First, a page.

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Coastal tour highlights risks of BP’s plans to offshore drill Nova Scotia

Today kicks off the start of a 3 day, hard hitting coastal tour on the risks of offshore drilling Nova Scotia.


The Council of Canadians is coordinating this tour because Minister McKenna recently approved BP, yes the same company behind the oil spill disaster in the Gulf of Mexico 8 years ago, to drill up to 7 exploratory wells off the coast of Nova Scotia.


Here’s the kicker, they are planning to drilling up to twice the depth of the well involved in the Deepwater Horizon disaster, significantly increasing the risks of the project.  


The tour begins today with a not to be missed town hall in Halifax. The event will also be live streamed on the Council of Canadians facebook page.  Tonight’s talk will begin with Antonia Juhasz, investigative journalist, energy analyst and author of Black Tide: the Devastating Impact of the Gulf Oil Spill. Antonia recently wrote in her oped featured in the Chronicle Herald:


“As Nova Scotia residents and elected officials review both BP’s plans and the Canadian government’s ability to regulate them, it may be helpful to consider the view from your closest U.S. neighbours, who, barely one month ago, expressed virulent opposition to just such drilling in their own waters….The Trump drilling proposal was immediately met with angry public protests at state capitals from California to South Carolina, and within a matter of weeks, Republican and Democratic attorneys general of 12 coastal states — including almost every single one of Nova Scotia’s closest American neighbours: Maine, Massachusetts, Rhode Island, Connecticut, New York, New Jersey, Delaware, Maryland, Virginia and North Carolina — wrote a scathing letter to the administration demanding withdrawal of the proposal and asserting firm opposition to oil and gas drilling off of their coasts.”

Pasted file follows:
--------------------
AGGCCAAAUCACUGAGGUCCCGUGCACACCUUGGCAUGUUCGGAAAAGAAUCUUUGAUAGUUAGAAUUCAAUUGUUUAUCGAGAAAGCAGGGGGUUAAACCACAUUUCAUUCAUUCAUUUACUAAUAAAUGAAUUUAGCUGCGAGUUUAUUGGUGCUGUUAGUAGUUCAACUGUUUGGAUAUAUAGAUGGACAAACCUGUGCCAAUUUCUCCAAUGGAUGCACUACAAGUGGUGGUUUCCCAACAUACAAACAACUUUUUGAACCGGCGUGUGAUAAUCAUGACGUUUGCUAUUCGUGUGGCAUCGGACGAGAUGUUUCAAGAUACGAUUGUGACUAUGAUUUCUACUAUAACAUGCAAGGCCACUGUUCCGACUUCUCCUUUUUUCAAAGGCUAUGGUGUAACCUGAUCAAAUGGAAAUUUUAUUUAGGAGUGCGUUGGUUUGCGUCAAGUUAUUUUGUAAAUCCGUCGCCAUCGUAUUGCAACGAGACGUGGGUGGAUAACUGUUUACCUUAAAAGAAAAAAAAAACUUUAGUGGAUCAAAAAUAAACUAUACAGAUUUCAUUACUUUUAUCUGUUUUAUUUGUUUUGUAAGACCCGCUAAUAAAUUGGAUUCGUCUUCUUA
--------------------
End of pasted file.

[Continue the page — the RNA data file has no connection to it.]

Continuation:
Why is Nova Scotia willing to take on the risks that their U.S. neighbours are rejecting? 


Antonia also rightly questions McKenna’s recent approval, “Within this context, Canadian Minister of Environment and Climate Change, Catherine McKenna’s rather bizarre statement that BP’s Nova Scotia drilling pro

ject “is not likely to cause significant adverse environmental effects,” is somewhat shocking. BP, for example, dares not make such a claim, writing only that “BP aims to manage and mitigate environmental impacts.”

Antonia will be joined by Colin Sproul, a fifth generation lobster fisherman and spokesperson for the Bay of Fundy Inshore Fishermen’s Association who will address the threat drilling and a spill presents to good jobs in fisheries. 

Michelle Paul will also join our Halifax town hall. Michelle is a Mi’kmaq activist and treaty rights holder and has been involved with Idle No More, the Treaty Truckhouse and Alton Gas resistance. Michelle will speak to the importance of the land and the water to Indigenous peoples across Turtle Island.


The tour will head next to Shelburne and then Lunenburg this Thursday for town halls and a series of meetings. 


To take action, please sign our petition stating: We, the undersigned, call on Prime Minister Trudeau to stop BP from drilling up to seven exploratory wells and institute a moratorium on oil and gas exploration in offshore Nova Scotia. We further demand an end to proposed changes under Bill C-69 that would grant east coast petroleum boards more power in the environmental assessment process for Atlantic offshore drilling.